A slightly older version of the center's prosthetic leg on display.

Almost all of the center's building of prosthetics is done on site, from creating a mold of the patient's limb, to casting the replacement, and assembling the finished product.

 The former owner of this prosthetic, Madina, came to the center from the nearby town of Afgoye. She lost her leg due to disease and gangrine and had this made by a local craftsman for about $50.  While older and traditional prosthetics are sometimes left at the center, more often than not they are taken home by their owners to be used while farming so that their better prosthetic can be saved from too much ware.

The former owner of this prosthetic, Madina, came to the center from the nearby town of Afgoye. She lost her leg due to disease and gangrine and had this made by a local craftsman for about $50.

While older and traditional prosthetics are sometimes left at the center, more often than not they are taken home by their owners to be used while farming so that their better prosthetic can be saved from too much ware.

 Part of an original prosthetic leg from the center that lost its foot. To try and repair it the foot was replaced with the soles of old shoes and the upper region reinforced with cloth.  New prosthetics are provided by the center for just a nominal fee, but often the hardest part for those in need of prosthetics is just in getting to the center itself. People often come to the center from as far as 500km away - across a country with few roads, poor transportation, and territory controlled by hostile armed groups.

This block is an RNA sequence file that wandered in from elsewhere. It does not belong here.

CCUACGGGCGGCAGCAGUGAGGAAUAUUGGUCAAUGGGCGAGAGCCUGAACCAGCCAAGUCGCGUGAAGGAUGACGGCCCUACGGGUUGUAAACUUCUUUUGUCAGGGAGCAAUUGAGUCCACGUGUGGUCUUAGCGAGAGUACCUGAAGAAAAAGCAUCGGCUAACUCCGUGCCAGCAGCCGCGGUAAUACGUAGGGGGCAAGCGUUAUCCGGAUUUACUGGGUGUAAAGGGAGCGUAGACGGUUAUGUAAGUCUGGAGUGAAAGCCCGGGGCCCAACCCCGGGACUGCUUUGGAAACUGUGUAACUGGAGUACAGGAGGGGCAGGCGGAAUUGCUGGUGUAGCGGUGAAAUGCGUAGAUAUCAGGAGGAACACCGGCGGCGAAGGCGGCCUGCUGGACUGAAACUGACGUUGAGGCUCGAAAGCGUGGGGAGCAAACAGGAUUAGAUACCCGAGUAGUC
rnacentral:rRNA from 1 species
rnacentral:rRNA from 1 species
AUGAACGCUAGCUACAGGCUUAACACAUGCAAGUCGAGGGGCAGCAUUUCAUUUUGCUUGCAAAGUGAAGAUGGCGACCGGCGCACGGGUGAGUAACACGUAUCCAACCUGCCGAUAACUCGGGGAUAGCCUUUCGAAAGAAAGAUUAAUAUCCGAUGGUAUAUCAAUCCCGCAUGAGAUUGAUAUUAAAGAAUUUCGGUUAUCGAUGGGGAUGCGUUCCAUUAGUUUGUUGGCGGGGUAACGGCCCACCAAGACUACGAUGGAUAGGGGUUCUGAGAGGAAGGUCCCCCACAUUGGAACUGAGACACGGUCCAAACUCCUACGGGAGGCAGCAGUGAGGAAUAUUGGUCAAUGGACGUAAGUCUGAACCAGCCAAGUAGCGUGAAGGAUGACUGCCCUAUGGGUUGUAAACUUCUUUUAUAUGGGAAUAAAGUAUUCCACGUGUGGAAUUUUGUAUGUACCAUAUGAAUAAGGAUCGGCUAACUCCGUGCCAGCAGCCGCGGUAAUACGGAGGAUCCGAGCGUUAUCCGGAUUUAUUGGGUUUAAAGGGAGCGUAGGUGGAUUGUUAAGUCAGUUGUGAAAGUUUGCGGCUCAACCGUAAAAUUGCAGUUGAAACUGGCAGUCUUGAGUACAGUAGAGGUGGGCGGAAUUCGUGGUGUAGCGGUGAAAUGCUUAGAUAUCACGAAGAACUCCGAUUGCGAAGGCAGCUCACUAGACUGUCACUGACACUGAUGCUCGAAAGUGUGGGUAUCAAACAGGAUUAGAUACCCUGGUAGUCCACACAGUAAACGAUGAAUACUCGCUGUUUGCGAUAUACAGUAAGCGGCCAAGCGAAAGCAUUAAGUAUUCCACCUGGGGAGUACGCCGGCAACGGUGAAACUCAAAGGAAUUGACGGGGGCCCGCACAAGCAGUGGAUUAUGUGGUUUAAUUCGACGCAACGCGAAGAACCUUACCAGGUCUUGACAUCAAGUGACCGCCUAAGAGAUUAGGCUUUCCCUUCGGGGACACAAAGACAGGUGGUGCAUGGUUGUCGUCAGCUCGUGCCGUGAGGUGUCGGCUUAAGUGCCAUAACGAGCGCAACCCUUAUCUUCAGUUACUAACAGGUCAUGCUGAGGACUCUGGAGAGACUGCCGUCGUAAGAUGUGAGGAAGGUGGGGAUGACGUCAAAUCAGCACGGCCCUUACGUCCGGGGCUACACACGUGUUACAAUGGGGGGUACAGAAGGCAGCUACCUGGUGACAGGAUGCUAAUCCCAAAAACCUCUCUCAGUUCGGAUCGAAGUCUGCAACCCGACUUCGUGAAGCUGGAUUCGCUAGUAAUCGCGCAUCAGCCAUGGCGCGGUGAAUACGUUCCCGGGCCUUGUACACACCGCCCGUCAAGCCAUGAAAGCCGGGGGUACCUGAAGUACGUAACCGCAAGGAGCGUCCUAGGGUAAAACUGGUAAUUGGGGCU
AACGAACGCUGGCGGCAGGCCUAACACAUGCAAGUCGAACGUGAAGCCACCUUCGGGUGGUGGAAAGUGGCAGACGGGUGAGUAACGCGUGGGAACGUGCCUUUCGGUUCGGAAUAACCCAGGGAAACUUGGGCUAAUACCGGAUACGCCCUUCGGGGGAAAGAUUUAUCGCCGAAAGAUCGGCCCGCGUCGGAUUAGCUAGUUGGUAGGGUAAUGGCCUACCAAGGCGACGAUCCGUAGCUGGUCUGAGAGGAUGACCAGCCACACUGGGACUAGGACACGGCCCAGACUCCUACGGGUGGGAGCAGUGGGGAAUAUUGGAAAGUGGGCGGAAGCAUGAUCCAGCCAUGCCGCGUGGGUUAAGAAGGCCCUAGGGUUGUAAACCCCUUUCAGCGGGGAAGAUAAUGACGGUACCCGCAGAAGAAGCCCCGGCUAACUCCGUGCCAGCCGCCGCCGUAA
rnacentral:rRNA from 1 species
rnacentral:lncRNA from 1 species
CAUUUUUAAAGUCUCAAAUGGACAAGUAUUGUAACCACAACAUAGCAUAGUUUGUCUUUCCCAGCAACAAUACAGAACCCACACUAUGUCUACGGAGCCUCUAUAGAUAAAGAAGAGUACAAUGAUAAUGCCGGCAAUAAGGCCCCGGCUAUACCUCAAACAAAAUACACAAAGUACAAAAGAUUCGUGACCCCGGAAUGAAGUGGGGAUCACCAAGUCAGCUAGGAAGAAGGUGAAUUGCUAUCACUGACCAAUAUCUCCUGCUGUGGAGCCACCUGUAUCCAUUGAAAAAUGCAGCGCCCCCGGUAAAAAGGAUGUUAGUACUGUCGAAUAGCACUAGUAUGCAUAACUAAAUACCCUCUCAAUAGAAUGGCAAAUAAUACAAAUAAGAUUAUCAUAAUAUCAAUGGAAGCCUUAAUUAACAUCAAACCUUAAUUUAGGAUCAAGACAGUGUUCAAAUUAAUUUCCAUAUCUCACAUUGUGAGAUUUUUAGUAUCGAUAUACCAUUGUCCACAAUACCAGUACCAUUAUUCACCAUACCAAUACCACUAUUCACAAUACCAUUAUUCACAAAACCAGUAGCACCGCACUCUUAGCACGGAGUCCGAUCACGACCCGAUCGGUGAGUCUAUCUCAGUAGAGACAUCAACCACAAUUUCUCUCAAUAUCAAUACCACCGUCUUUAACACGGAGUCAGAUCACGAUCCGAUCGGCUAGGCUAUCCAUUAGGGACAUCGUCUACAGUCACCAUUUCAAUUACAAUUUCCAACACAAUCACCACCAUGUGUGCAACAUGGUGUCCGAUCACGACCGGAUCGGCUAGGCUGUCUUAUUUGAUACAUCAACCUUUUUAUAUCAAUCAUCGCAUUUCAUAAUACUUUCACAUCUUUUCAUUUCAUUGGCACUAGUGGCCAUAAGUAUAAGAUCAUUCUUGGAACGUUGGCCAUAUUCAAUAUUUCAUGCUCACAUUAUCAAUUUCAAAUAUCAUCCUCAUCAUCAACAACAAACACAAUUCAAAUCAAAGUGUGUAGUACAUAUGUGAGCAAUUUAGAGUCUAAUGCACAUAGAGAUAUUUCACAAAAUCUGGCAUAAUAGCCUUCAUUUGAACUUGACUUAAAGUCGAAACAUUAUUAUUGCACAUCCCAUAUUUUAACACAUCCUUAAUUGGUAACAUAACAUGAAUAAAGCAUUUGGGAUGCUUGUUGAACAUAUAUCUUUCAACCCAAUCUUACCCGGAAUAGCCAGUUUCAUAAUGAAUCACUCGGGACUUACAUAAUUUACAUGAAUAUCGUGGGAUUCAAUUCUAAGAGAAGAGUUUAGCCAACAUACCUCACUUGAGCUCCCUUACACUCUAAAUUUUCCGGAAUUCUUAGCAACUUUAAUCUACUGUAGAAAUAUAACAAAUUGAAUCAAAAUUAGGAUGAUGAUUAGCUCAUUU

Part of an original prosthetic leg from the center that lost its foot. To try and repair it the foot was replaced with the soles of old shoes and the upper region reinforced with cloth.

New prosthetics are provided by the center for just a nominal fee, but often the hardest part for those in need of prosthetics is just in getting to the center itself. People often come to the center from as far as 500km away - across a country with few roads, poor transportation, and territory controlled by hostile armed groups.

 The former owner of this prosthetic was a woman who began using it at 20 after losing her leg to disease. She was brought to the center by her husband, who didn't like the look of her traditional event, and wanted her to replae it with a new one.  Many people don't want to give their prosthetics up at first, but usually after a year they come back and don't want their old legs anymore and so will leave their old prosthetics at the center.